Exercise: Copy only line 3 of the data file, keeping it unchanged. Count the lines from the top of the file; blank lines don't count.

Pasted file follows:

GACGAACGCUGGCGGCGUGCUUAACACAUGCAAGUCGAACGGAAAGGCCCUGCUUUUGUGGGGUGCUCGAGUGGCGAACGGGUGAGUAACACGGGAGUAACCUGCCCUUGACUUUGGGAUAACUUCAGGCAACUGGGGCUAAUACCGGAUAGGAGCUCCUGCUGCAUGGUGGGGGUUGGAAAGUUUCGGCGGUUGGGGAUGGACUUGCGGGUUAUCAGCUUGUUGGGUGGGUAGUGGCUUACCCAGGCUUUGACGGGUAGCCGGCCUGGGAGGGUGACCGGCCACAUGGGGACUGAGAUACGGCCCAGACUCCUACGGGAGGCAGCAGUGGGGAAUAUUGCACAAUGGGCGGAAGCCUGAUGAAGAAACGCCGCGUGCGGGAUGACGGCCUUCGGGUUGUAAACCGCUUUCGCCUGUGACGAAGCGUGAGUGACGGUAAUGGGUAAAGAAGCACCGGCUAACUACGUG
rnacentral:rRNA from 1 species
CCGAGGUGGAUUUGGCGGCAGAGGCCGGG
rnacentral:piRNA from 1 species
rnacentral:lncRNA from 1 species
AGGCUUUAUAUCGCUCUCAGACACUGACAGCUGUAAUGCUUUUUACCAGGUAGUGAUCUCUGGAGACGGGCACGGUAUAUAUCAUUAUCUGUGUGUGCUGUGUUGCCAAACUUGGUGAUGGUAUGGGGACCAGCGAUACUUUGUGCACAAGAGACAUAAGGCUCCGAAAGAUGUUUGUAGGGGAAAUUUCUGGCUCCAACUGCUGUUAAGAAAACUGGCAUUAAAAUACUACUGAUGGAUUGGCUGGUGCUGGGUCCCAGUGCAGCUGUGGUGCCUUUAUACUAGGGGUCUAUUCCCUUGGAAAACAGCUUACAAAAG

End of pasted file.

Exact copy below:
CCGAGGUGGAUUUGGCGGCAGAGGCCGGG